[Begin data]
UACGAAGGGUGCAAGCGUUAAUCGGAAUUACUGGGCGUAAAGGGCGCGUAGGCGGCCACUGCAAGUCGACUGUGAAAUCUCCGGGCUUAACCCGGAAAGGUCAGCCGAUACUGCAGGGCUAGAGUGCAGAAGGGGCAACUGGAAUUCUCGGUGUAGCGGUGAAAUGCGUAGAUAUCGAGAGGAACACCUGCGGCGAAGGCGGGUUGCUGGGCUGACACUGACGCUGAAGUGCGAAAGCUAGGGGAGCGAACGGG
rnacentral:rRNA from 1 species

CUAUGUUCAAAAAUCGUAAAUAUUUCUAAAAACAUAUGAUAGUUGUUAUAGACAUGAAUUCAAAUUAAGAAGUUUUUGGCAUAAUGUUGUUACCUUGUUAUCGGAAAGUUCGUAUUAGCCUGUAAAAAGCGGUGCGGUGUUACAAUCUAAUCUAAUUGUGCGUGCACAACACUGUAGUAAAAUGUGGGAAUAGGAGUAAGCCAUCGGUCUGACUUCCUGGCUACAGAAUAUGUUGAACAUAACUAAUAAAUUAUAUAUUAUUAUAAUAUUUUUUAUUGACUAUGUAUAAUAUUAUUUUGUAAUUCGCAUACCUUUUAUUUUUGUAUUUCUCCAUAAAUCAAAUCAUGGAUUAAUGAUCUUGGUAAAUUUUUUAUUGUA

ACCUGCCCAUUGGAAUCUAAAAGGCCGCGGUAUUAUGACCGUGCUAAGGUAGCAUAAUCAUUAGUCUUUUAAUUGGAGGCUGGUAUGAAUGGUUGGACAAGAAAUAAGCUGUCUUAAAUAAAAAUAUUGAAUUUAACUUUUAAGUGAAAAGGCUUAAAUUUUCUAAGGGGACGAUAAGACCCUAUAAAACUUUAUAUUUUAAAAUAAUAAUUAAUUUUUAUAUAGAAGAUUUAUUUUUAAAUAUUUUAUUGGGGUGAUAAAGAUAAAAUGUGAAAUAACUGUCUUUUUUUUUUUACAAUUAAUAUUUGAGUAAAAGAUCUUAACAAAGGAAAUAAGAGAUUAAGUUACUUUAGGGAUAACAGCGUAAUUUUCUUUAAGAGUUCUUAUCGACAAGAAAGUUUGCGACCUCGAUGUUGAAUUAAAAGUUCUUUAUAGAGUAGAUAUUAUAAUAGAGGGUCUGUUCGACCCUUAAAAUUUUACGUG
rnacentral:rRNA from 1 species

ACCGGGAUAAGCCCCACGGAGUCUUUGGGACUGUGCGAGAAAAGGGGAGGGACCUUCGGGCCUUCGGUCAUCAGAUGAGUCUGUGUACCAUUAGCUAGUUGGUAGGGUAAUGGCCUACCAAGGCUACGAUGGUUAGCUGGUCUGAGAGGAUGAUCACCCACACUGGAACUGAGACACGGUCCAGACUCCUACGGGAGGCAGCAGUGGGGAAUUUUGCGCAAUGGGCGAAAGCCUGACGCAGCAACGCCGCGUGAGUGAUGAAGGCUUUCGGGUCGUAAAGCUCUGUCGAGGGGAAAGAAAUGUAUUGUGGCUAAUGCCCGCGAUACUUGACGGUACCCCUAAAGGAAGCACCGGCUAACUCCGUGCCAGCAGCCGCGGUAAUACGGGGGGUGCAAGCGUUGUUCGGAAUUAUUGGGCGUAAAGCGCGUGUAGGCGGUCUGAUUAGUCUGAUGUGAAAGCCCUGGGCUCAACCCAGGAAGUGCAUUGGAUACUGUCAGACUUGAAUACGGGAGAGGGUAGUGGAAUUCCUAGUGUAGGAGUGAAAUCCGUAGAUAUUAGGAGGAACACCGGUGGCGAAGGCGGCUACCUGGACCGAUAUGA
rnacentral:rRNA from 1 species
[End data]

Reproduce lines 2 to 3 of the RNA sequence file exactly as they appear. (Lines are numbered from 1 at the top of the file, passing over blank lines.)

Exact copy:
rnacentral:rRNA from 1 species

CUAUGUUCAAAAAUCGUAAAUAUUUCUAAAAACAUAUGAUAGUUGUUAUAGACAUGAAUUCAAAUUAAGAAGUUUUUGGCAUAAUGUUGUUACCUUGUUAUCGGAAAGUUCGUAUUAGCCUGUAAAAAGCGGUGCGGUGUUACAAUCUAAUCUAAUUGUGCGUGCACAACACUGUAGUAAAAUGUGGGAAUAGGAGUAAGCCAUCGGUCUGACUUCCUGGCUACAGAAUAUGUUGAACAUAACUAAUAAAUUAUAUAUUAUUAUAAUAUUUUUUAUUGACUAUGUAUAAUAUUAUUUUGUAAUUCGCAUACCUUUUAUUUUUGUAUUUCUCCAUAAAUCAAAUCAUGGAUUAAUGAUCUUGGUAAAUUUUUUAUUGUA